The Cosmic Antipode

Astronomers at the Center for Astrophysics (CfA) presented data that strongly suggest the existence of an "event horizon"--the black hole's one-way boundary from which nothing, not even light, can escape.

Illustrations depict gas from a sun-like companion star being drawn in a swirling pattern into a black hole (top) and onto a neutron star (bottom). In both cases, as the gas nears the central object, strong gravitation weakens the light, making it appear redder and dimmer. When the gas strikes the solid surface of the neutron star, it glows brightly in x-rays. But after crossing the "event horizon" of the black hole, it produces no x-rays, since a black hole has no surface.
n this illustration of a binary system, the bluish-white sphere is a large hot star, in orbit with a black hole. Pulled by the black hole's gravitation, gases swirl off from the star and rotational momentum spins them into an "accretion disk," with the black hole at its center. Closer to the center, gravity's pull weakens the light, which therefore appears redder. The zig-zag arrows represent x-rays, which also get weaker (i.e., "redder") as they near the black hole.

In 1796, prompted by Isaac Newton's gravitational theories, French scientist Pierre-Simon Laplace was the first to ponder the possibility of black holes. In 1916, Albert Einstein's theory of general relativity predicted that a massive star would inevitably collapse into a black hole. And this year, astronomers at the Center for Astrophysics (CfA) presented data that strongly suggest the existence of an "event horizon"--the black hole's one-way boundary from which nothing, not even light, can escape. It is the most compelling empirical evidence yet that black holes exist.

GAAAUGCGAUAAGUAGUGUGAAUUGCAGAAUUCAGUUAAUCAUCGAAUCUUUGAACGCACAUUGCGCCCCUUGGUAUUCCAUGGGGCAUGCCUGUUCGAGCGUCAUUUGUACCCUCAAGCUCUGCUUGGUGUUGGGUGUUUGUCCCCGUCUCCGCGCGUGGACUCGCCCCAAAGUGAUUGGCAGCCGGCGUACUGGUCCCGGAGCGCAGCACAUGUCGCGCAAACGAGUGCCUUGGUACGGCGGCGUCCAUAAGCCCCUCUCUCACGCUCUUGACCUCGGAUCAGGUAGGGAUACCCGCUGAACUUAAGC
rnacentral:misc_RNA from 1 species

"The data confirm the theory that black holes really have event horizons," says lead author Michael Garcia, referring to the paper he has submitted jointly with CfA colleagues Jeffrey E. McClintock, Stephen S. Murray, professor of astronomy Ramesh Narayan, and Irish astronomer Paul Callanan (University College, Cork) to the Astrophysical Journal.

A black hole is a gigantic star--at least three times the mass of the sun--that has burned up its core and collapsed on itself. What's left is a "hole" in space with gravitational forces so overwhelming as to prevent anything from leaving it. Matter, heat, energy--even light--are pulled in and vanish. "It is trivial to enter the black hole and totally impossible to return," says McClintock. "Once you're there, you can never return to our universe again."

The event horizon, an invisible membrane, marks a black hole's edge. Nothing that occurs within the event horizon, even a huge thermonuclear explosion, can have any effect outside the black hole. Thus, despite its extreme properties, an event horizon remains profoundly quiet. "There's no signpost. It's simply a location in space," says Garcia. "With a supermassive black hole, you could fly a spaceship right in and never know you were in a black hole--until you tried to turn around and leave."